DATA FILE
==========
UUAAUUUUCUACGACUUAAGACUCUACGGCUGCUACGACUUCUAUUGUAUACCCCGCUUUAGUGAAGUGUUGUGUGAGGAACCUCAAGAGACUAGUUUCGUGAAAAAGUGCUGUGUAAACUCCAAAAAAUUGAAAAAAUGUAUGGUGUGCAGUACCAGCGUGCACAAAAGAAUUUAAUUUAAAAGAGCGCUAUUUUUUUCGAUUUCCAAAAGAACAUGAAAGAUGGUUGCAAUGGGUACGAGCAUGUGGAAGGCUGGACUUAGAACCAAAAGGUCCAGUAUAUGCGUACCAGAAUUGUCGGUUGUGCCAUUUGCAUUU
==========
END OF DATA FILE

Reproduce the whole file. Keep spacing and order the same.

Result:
UUAAUUUUCUACGACUUAAGACUCUACGGCUGCUACGACUUCUAUUGUAUACCCCGCUUUAGUGAAGUGUUGUGUGAGGAACCUCAAGAGACUAGUUUCGUGAAAAAGUGCUGUGUAAACUCCAAAAAAUUGAAAAAAUGUAUGGUGUGCAGUACCAGCGUGCACAAAAGAAUUUAAUUUAAAAGAGCGCUAUUUUUUUCGAUUUCCAAAAGAACAUGAAAGAUGGUUGCAAUGGGUACGAGCAUGUGGAAGGCUGGACUUAGAACCAAAAGGUCCAGUAUAUGCGUACCAGAAUUGUCGGUUGUGCCAUUUGCAUUU